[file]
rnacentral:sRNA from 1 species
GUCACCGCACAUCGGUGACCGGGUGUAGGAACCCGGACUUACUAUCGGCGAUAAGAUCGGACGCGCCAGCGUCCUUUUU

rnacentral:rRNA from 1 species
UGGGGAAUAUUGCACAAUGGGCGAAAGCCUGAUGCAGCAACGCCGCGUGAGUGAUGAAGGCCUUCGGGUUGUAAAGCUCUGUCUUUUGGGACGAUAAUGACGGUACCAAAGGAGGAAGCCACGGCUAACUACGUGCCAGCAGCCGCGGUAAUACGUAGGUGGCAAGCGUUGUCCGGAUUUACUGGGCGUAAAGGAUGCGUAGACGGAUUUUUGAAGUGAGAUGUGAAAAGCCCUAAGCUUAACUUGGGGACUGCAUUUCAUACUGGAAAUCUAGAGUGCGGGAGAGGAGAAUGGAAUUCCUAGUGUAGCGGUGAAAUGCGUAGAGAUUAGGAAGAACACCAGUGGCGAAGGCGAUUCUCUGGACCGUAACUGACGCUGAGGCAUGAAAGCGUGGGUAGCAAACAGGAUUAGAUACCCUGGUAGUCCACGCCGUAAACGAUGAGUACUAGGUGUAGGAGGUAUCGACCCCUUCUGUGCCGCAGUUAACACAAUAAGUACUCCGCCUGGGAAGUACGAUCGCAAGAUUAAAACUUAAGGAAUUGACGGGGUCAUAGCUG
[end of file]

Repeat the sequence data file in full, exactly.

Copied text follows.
rnacentral:sRNA from 1 species
GUCACCGCACAUCGGUGACCGGGUGUAGGAACCCGGACUUACUAUCGGCGAUAAGAUCGGACGCGCCAGCGUCCUUUUU

rnacentral:rRNA from 1 species
UGGGGAAUAUUGCACAAUGGGCGAAAGCCUGAUGCAGCAACGCCGCGUGAGUGAUGAAGGCCUUCGGGUUGUAAAGCUCUGUCUUUUGGGACGAUAAUGACGGUACCAAAGGAGGAAGCCACGGCUAACUACGUGCCAGCAGCCGCGGUAAUACGUAGGUGGCAAGCGUUGUCCGGAUUUACUGGGCGUAAAGGAUGCGUAGACGGAUUUUUGAAGUGAGAUGUGAAAAGCCCUAAGCUUAACUUGGGGACUGCAUUUCAUACUGGAAAUCUAGAGUGCGGGAGAGGAGAAUGGAAUUCCUAGUGUAGCGGUGAAAUGCGUAGAGAUUAGGAAGAACACCAGUGGCGAAGGCGAUUCUCUGGACCGUAACUGACGCUGAGGCAUGAAAGCGUGGGUAGCAAACAGGAUUAGAUACCCUGGUAGUCCACGCCGUAAACGAUGAGUACUAGGUGUAGGAGGUAUCGACCCCUUCUGUGCCGCAGUUAACACAAUAAGUACUCCGCCUGGGAAGUACGAUCGCAAGAUUAAAACUUAAGGAAUUGACGGGGUCAUAGCUG